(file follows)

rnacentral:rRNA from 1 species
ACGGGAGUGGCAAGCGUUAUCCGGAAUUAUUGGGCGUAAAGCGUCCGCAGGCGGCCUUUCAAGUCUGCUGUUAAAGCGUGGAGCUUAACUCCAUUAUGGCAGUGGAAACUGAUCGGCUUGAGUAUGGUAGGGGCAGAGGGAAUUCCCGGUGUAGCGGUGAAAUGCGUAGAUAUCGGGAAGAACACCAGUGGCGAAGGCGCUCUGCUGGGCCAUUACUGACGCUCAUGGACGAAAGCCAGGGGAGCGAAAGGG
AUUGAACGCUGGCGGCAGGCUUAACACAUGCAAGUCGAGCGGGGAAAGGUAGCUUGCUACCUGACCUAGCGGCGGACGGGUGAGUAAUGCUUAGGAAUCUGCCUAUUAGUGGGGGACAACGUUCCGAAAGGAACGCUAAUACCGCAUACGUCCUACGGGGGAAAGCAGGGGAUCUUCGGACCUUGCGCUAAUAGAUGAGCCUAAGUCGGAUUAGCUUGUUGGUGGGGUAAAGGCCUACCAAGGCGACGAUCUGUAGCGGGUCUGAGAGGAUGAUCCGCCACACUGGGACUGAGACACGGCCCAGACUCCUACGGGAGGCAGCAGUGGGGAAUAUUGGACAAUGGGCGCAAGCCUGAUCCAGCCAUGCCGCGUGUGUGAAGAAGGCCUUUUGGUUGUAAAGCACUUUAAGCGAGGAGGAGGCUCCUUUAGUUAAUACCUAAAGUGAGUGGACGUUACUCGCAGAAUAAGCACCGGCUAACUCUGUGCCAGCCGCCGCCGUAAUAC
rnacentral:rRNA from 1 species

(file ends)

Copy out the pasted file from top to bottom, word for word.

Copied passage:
rnacentral:rRNA from 1 species
ACGGGAGUGGCAAGCGUUAUCCGGAAUUAUUGGGCGUAAAGCGUCCGCAGGCGGCCUUUCAAGUCUGCUGUUAAAGCGUGGAGCUUAACUCCAUUAUGGCAGUGGAAACUGAUCGGCUUGAGUAUGGUAGGGGCAGAGGGAAUUCCCGGUGUAGCGGUGAAAUGCGUAGAUAUCGGGAAGAACACCAGUGGCGAAGGCGCUCUGCUGGGCCAUUACUGACGCUCAUGGACGAAAGCCAGGGGAGCGAAAGGG
AUUGAACGCUGGCGGCAGGCUUAACACAUGCAAGUCGAGCGGGGAAAGGUAGCUUGCUACCUGACCUAGCGGCGGACGGGUGAGUAAUGCUUAGGAAUCUGCCUAUUAGUGGGGGACAACGUUCCGAAAGGAACGCUAAUACCGCAUACGUCCUACGGGGGAAAGCAGGGGAUCUUCGGACCUUGCGCUAAUAGAUGAGCCUAAGUCGGAUUAGCUUGUUGGUGGGGUAAAGGCCUACCAAGGCGACGAUCUGUAGCGGGUCUGAGAGGAUGAUCCGCCACACUGGGACUGAGACACGGCCCAGACUCCUACGGGAGGCAGCAGUGGGGAAUAUUGGACAAUGGGCGCAAGCCUGAUCCAGCCAUGCCGCGUGUGUGAAGAAGGCCUUUUGGUUGUAAAGCACUUUAAGCGAGGAGGAGGCUCCUUUAGUUAAUACCUAAAGUGAGUGGACGUUACUCGCAGAAUAAGCACCGGCUAACUCUGUGCCAGCCGCCGCCGUAAUAC
rnacentral:rRNA from 1 species